Study Finds We Get Less Sleep Before a Full Moon
The moon's supposed strange impact on us has long been the stuff of legends. It's been said that on a full moon, crime rates and hospitalization go up as people take momentary leave of their senses. Even the word "lunacy" has its roots in "luna," referencing the then-common belief that as the moon shifted through its cycle, this caused temporary insanity.
A meta-analysis on 37 studies covering the so-called "lunar effect" in 1985 found that these studies frequently contained errors, contradicted each other, failed to consider the effect of other cycles (such as the days of the week), and displayed "a willingness to accept any departure from chance as evidence of a lunar effect," as the meta-analysis's abstract put it. All in all, a correlation between lunar cycles and unstable psychological behavior has not been proven.
That said, it does appear there is at least one way in which the cycles of the moon have a real effect on us: our sleep. In a recent collaboration by researchers at the University of Washington, the National University of Quilmes in Argentina and Yale University, they report that our sleep cycles seem to follow the 29.5-day lunar cycle. And in the days leading up to the full moon, people go to bed later and sleep less.
UW professor of biology Horacio de la Iglesia, the study leader, and his team observed this pattern in both Indigenous communities in northern Argentina and college students in Seattle--both rural and urban environments, in other words. Access to electricity did not get rid of these oscillations, although it did somewhat lessen them.
As part of the study, the team gave wrist monitors to 98 people across three Toba-Qom Indigenous communities in Argentina. Two of the communities were rural; one had no access to electricity, while the other had some limited electricity access. The other community was urban.
Those in the urban Toba-Qom community generally went to bed later and slept less than their rural counterparts. This wasn't a surprise. But all three communities displayed the same sleep oscillations as the moon moved through its 29.5 day cycle. While exact times varied from one group to another, during the three to five days leading up to the full moon, all three communities went to sleep later and slept for a shorter amount of time. The researchers then looked at sleep monitor data that had been collected from 464 Seattle-area college students for a different study. The oscillations persisted.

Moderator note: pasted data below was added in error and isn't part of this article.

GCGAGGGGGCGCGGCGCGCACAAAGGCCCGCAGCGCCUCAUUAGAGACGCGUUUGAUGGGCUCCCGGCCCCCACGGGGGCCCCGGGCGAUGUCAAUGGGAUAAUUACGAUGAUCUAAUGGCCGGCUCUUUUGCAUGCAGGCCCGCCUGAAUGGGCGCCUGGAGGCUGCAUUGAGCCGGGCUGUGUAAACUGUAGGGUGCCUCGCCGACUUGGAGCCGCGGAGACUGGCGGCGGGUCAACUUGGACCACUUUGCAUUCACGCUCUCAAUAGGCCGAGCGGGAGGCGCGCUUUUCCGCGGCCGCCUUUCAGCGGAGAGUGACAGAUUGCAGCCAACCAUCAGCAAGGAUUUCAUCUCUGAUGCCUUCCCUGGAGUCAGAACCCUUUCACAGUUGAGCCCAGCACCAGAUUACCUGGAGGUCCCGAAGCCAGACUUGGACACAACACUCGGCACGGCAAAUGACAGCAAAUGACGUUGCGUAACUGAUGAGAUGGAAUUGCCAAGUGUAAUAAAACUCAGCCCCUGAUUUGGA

It's worth noting that on the three to five days before a full moon, the waxing moon gives off more and more natural light after dusk, which could have some impact on our alertness. (The waning moon immediately following a full moon also gives off considerable light, but due to the moon's later rising during this period, that light is later and thus less accessible.)
“We hypothesize that the patterns we observed are an innate adaptation that allowed our ancestors to take advantage of this natural source of evening light that occurred at a specific time during the lunar cycle,” said Leandro Casiraghi, lead author and a UW postdoctoral researcher in the Department of Biology.
While there has long been controversy in the science world about the moon's role--or not--in our sleep, De la Iglesia and Casiraghi point out that their use of wrist monitors instead of subjective and outdated journaling ensures cleaner results, and that following the same populations through the whole lunar cycle helps to turn down the "noise" created by outlier individuals and the habitual differences between those with electricity and those without.
“In general, there has been a lot of suspicion on the idea that the phases of the moon could affect a behavior such as sleep — even though in urban settings with high amounts of light pollution, you may not know what the moon phase is unless you go outside or look out the window,” Casiraghi said. “Future research should focus on how: Is it acting through our innate circadian clock? Or other signals that affect the timing of sleep? There is a lot to understand about this effect.”
In the meantime, the National Sleep Foundation says that healthy adults should aim for 7 to 9 hours of sleep every night. If you're having trouble getting to bed, they recommend setting in place a relaxing pre-bedtime routine, monitoring caffeine intake, and disconnecting from screens (laptops and smartphones) at least a half hour before bed. Leaving your sleep routine to chance? Maybe that's the real lunacy.